At the end of the 2012-2013 season, the Harvard men’s swimming and diving team was hungry for more.
After finishing 9-0 in dual meets, with seven of those wins coming against Ivy opponents, the Crimson fell just short of an Ivy League Championship, finishing second to Princeton, then the four-time defending champions.
But this season, Harvard (8-2, 7-0 Ivy) finally reached the top.
The regular season was similar, with an unbeaten record in the Ivy League and the regular season dual meet title. The difference, however, came in the final stretch, as the team was finally able to end Princeton’s five-year streak and claim the Ivy League Championship title.
With a new coach at the helm, the team knew some things would be different. Before this season, Tim Murphy had led the Crimson for 15 years and coached the team to a 122-11 dual meet record.
But just prior to the start of the year, Murphy announced he would be leaving Harvard for Penn State.
Former assistant coach Kevin Tyrrell stepped up as the interim coach for the year and has since been officially named the head coach for the 2014-2015 season.
“We kind of set a new plan with the captains, senior leadership and the coaches, and worked out a plan for the upcoming year,” co-captain Chris Satterthwaite said. “We reorganized what the team’s priorities were and what the goals were. We worked on prioritizing process-oriented goals rather than outcome-oriented goals, and I think that really helped us achieve what we wanted to do.”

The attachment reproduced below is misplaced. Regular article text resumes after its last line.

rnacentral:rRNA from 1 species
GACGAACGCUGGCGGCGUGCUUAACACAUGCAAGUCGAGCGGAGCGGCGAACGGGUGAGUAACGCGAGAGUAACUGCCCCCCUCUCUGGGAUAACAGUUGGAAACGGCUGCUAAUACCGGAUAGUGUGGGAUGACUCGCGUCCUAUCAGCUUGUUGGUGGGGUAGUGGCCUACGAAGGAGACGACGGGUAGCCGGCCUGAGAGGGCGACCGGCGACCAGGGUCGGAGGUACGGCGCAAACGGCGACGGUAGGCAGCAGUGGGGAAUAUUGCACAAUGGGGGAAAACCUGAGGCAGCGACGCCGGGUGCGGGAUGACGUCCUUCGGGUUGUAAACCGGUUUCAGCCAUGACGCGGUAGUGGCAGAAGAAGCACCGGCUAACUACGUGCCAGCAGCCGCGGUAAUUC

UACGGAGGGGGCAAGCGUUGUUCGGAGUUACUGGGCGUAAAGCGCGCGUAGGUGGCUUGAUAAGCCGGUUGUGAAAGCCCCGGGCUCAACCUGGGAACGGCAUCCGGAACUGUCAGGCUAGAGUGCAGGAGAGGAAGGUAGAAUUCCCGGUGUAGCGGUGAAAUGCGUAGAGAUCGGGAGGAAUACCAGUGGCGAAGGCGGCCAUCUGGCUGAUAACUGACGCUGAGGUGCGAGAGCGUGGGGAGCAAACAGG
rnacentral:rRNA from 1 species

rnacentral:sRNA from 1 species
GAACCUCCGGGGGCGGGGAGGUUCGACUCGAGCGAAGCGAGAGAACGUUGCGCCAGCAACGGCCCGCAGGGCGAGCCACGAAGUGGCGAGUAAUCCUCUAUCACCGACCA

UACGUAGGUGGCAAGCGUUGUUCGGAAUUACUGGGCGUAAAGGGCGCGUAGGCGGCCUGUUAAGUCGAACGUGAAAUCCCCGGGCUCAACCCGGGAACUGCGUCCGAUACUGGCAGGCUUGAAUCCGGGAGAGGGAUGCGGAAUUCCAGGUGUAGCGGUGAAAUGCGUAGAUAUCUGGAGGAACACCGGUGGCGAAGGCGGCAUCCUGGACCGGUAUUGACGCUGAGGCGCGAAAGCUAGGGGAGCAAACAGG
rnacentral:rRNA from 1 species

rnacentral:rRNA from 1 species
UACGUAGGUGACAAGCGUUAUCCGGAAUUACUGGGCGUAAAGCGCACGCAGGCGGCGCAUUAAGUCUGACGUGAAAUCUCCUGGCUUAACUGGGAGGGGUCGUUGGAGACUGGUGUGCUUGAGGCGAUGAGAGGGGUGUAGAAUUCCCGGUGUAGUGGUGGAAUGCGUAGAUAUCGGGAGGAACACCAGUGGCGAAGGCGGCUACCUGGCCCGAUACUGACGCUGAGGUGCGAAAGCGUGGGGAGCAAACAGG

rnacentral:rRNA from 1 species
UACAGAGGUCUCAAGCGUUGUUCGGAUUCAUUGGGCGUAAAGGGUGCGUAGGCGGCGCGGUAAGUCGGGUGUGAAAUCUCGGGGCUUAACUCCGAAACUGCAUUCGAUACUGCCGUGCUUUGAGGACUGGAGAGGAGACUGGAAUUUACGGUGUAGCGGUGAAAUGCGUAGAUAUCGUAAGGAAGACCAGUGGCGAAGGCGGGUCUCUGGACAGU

The Crimson faced its first challenge of the season at the end of November against Columbia. Although Harvard did win the meet 170-130, it was a close contest for much of the day.
“Columbia tested us,” Tyrrell said. “[It] was important for our guys to overcome difficulties in the middle of a meet.”
The team’s next competition was also an important milestone, as the Crimson went south to the Texas Invite. This meet gave the team a chance to measure up against top-tier national competition outside of the Ivy League.
“We went to Texas and had a phenomenal invite where a lot of guys had great times on very little rest,” Satterthwaite said. “That was kind of evident that our training was paying off and our plan had been working.”
But the biggest breakthrough of the regular season was the Harvard-Yale-Princeton meet, in which Harvard defeated Princeton, its biggest competition for the regular season and Ivy League titles, as well as the Bulldogs.
Over the course of the meet, the Crimson set six pool records and won 11 of 19 events.
Though the team still had one more meet before Ivy League Championships, the HYP meet gave Harvard momentum as it headed into the championship portion of the season.